The color and pungency of the campaign brought indications of a close race. A pre-election poll was organized. My call for experts in such undertakings assembled a special staff. Infinite thoroughness was exacted. Two methods were employed. Each was devised to balance the other—a personal interrogation corps against a system of postcard ballots. We closed the tabulations four days before the election. The result was never published. It gave Harlan a lead of approximately 12,000. Dunne was elected by a plurality of 24,248.

The upset of a most elaborate statistical enterprise was not permitted to go unchallenged. It was important to determine whether the American was the victim of a casualty or a conspiracy. An intensive check-up was prosecuted. From that analysis a permanent guide was extracted. Its value was confirmed to me by kindred experiments in different communities in subsequent years. It directs the withholding of faith in the accuracy of any unofficial poll on moot matters.

Neither the form of the question propounded nor the range of individuals subjected to the questionnaire can exclude the deceptive factors produced by nuances of human nature. The defect cannot be cured by percentage allowances for changes of sentiment, by oblique approaches or by any of the stratagems yet contrived. The impasse is caused by an unascertainable volume of elements that temper the sincerity or adulterate the cooperation of the respondents. Among these unbalancing agencies are vague or illusory fears of private consequences, a desire for approbation, a recalcitrant perversity, resentment of fancied intrusion and a disposition to “outsmart the busybodies.”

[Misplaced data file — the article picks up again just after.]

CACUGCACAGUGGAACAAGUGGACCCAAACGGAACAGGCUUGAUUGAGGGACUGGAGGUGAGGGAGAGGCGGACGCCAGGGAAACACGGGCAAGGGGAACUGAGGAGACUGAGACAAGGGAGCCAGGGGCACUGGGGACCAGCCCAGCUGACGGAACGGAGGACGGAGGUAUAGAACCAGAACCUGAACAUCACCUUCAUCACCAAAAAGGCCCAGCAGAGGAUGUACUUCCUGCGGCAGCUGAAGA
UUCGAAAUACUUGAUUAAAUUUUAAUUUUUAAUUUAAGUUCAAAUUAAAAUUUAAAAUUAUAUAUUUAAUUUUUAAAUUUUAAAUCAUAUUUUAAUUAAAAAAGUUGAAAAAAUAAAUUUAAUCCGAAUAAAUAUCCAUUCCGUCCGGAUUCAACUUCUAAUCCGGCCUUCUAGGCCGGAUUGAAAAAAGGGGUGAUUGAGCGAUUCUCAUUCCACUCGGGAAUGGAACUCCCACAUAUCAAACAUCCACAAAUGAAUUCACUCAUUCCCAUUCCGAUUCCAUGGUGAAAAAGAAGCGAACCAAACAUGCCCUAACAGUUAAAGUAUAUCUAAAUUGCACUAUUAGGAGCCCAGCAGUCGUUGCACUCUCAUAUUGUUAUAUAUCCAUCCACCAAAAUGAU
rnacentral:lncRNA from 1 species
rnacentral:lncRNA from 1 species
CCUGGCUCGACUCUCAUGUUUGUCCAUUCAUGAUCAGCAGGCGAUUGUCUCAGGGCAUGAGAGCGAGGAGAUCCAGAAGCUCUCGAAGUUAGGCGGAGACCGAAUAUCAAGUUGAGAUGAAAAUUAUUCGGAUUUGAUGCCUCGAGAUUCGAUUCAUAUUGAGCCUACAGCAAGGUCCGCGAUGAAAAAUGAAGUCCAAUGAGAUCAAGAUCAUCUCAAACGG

On the Thursday following the election, Rafael R. Govin asked me to dine with him at the Congress Hotel. He was recognized as spokesman for the money behind Chicago’s streetcar systems. The securities were embraced in two corporations—the Union Traction Company and the City Railway Company. A protective committee acted for each. Govin was officially the chairman of one and unofficially the adviser of the other. The personnel of these bodies included Marshall Field, John J. Mitchell, Walter G. Oakman, Harlow N. Higinbotham, Norman B. Ream, P. A. B. Widener, Charles Steele, Oakleigh Thorne, Levi Z. Leiter, Nelson Morris, James B. Forgan, Ernest A. Hamill and Byron L. Smith. This was a roster that would sound like an organ recital at almost any bankers’ meeting. Also under Govin’s wings were the Chicago holdings of J. P. Morgan and Charles T. Yerkes. In his regular job as managing member of H. B. Hollins & Co., 15 Wall Street, New York, he represented the Widener-Elkins Syndicate, second to none in municipal railways banking.